Local RCMP won’t issue immediate roadside suspensions for breathalyzer ‘fail’ readings, but Campbell Riverites can expect the normal slew of holiday road checks.
“The enforcement steps will, in terms of person hours allocated to it, mirror those from last year,” RCMP Sgt. Craig Massey said. “It’s a significant issue in terms of overall enforcement, and we will continue to muster as many resources as we can to provide a public deterrent to people.”
Supreme Court Justice Jon Sigurdson ruled Dec. 1 that people who blow a fail reading, (over .08 blood alcohol content), on a roadside screening device deserve the right to challenge the device reading, which changes police enforcement of impaired driving rules.
Hotly debated since it was brought in last fall, the Immediate Roadside Prohibition (IRP) legislation allowed police to conduct one roadside test and immediately suspend the licence of a driver with a fail reading for 90 days and impound the vehicle for 30 days, according to Massey. That person would not be criminally charged, but would also would not be able to challenge the reading in court.
Now, a driver with a fail reading will be taken to the detachment, and if they fail another breathalyzer test, will face criminal charges, just as was done before the legislation was implemented.
“People that blow a fail will, instead of having that done in a non-criminal fashion, will be detained for an impaired driving investigation,” said Massey.
However the ‘warning’ reading of .05 to .08 blood alcohol content rules will remain the same, and drivers who blow readings in this range will receive an immediate licence suspension of three days, and have their car impounded for three days for the first time, with stronger penalties for future warning readings.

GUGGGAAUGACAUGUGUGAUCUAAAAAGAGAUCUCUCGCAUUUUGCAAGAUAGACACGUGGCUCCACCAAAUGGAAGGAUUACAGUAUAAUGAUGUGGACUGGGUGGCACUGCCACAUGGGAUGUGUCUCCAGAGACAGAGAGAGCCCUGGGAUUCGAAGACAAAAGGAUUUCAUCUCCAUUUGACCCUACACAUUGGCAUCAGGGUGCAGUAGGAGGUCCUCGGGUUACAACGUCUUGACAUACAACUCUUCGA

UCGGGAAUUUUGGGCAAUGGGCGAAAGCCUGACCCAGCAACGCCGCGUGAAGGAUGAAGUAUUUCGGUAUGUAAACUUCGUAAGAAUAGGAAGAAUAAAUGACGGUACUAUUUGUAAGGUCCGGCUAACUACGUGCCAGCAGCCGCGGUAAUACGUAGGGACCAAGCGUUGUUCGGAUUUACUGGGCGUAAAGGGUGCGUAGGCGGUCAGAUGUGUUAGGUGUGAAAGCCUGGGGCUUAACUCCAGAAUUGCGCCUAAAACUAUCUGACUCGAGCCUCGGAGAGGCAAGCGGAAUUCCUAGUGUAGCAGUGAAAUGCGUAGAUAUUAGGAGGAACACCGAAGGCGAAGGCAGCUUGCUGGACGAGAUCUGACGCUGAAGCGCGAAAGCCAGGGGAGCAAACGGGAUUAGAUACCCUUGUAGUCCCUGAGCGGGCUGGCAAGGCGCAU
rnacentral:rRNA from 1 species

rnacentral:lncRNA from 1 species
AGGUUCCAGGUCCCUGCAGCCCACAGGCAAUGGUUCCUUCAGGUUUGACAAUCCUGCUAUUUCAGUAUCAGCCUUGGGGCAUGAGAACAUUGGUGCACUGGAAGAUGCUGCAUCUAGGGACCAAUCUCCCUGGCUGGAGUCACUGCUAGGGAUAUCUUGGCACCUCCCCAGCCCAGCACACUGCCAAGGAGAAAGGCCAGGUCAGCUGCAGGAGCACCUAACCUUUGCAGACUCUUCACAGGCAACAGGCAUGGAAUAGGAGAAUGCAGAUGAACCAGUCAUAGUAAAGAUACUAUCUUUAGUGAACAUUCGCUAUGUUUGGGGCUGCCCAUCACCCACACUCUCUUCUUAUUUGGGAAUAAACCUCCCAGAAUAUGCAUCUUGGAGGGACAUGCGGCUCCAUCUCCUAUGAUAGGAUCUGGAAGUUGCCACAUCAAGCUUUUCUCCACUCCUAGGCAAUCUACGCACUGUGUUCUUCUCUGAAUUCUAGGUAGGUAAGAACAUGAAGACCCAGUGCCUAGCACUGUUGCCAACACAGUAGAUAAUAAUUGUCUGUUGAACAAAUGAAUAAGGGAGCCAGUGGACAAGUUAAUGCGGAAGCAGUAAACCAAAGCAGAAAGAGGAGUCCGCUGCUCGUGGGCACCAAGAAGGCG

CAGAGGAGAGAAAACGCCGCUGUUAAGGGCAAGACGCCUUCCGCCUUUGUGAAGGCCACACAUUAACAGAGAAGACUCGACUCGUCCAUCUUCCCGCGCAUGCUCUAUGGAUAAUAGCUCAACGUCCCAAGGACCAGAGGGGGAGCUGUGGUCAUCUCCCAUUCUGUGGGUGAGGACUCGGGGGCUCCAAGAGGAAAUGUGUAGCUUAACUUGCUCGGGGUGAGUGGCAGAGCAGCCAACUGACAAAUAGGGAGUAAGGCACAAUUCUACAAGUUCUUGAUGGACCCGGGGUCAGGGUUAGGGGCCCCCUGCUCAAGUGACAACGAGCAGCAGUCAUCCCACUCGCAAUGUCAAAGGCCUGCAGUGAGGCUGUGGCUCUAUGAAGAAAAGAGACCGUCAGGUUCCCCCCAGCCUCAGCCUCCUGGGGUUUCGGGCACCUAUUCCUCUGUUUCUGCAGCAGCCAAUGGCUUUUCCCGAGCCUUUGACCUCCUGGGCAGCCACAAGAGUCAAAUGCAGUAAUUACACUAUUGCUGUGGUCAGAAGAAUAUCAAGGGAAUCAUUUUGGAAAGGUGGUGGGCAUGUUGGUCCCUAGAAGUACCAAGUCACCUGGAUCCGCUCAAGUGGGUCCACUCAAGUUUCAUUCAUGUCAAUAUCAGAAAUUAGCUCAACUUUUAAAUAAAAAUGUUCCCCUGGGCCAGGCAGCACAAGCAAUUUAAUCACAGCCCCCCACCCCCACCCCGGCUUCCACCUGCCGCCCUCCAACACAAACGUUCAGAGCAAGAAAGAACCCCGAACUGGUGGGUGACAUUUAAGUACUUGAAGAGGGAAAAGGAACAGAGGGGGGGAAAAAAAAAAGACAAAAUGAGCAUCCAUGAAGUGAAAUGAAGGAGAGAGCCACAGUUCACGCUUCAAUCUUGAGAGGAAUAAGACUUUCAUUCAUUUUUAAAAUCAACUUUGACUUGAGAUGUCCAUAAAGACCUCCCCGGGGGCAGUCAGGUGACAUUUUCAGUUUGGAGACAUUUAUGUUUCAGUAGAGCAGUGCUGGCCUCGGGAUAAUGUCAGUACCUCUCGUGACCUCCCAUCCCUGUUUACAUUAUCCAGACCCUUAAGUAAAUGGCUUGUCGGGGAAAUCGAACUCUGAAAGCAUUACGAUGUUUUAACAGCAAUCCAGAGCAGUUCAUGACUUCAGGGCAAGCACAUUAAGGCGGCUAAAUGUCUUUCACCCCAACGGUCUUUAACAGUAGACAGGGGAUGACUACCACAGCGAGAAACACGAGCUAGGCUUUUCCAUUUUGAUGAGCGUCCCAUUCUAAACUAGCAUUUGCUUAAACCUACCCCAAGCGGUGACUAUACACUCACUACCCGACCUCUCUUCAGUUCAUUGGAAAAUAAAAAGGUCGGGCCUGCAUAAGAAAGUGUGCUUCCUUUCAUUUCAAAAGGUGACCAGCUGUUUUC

Massey said he supports the immediate penalties component of IRP.
“One of the greatest components of the legislation is that it has immediate consequences,” said Massey. “Instead of a year or two years down the road, finally getting before a court, these subjects are immediately held accountable and that’s a great thing.”
He pointed out that alcohol related roadway fatalities are down, and that “there are 45 more people alive today in British Columbia, that given statistically in previous years, wouldn’t be alive.”
While he acknowledged that some people are concerned they could blow in the warning range after having one drink with dinner, he said this is not true.
“There were people that didn’t like this legislation and came up with some horror stories that, you know, you can’t even have one beer and you’re going to blow a fail, and that is absolutely not true,” he explained.
Campbell River RCMP have already started vehicle stops for impaired driving and will continue with a strong enforcement push throughout the holiday season, according to Massey. He said holiday fun is fine, as long as a safe ride home is pre-planned.
“Before you go out for the evening make arrangements for safe transportation home,” said Massey. “Go out, have a great time with your friends and family, and as long as you’ve got a safe way home you don’t have to worry about those consequences.”